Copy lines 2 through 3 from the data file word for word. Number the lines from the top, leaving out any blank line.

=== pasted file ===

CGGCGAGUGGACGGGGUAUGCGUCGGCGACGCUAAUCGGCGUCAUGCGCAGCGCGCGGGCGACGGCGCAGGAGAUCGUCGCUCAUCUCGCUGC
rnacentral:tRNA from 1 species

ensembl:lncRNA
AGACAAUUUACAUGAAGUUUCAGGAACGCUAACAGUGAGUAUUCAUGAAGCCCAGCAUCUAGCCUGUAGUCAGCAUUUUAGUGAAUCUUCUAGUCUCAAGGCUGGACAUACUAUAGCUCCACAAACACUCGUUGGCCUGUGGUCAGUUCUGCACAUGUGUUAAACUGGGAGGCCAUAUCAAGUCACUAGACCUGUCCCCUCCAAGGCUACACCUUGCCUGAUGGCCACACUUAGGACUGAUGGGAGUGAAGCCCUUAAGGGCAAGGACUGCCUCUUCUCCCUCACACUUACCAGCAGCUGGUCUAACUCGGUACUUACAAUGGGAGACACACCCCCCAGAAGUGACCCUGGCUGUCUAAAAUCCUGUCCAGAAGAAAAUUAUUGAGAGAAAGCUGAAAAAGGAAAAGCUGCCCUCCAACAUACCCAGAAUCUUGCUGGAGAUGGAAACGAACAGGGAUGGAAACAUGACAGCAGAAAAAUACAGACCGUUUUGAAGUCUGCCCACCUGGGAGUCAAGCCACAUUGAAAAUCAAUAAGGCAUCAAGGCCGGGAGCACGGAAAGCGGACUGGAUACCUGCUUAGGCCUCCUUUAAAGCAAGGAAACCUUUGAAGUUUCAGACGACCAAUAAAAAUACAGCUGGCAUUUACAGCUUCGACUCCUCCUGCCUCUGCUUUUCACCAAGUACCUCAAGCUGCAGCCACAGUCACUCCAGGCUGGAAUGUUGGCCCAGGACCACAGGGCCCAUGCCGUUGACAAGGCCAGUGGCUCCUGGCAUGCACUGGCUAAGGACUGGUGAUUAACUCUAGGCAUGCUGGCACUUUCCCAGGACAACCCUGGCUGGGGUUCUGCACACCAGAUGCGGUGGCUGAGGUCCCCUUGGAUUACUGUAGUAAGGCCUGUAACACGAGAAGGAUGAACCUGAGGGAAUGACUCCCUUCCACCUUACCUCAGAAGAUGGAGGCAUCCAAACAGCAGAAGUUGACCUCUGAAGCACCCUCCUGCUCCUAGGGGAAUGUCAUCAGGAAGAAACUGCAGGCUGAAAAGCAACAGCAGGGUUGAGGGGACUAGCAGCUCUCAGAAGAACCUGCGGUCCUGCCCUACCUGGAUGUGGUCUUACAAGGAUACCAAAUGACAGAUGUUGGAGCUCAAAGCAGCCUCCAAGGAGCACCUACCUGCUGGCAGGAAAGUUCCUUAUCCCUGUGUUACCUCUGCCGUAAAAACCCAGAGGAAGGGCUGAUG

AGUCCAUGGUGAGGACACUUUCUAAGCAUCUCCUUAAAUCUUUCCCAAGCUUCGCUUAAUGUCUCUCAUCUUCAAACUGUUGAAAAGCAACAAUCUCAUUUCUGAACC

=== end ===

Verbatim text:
rnacentral:tRNA from 1 species

ensembl:lncRNA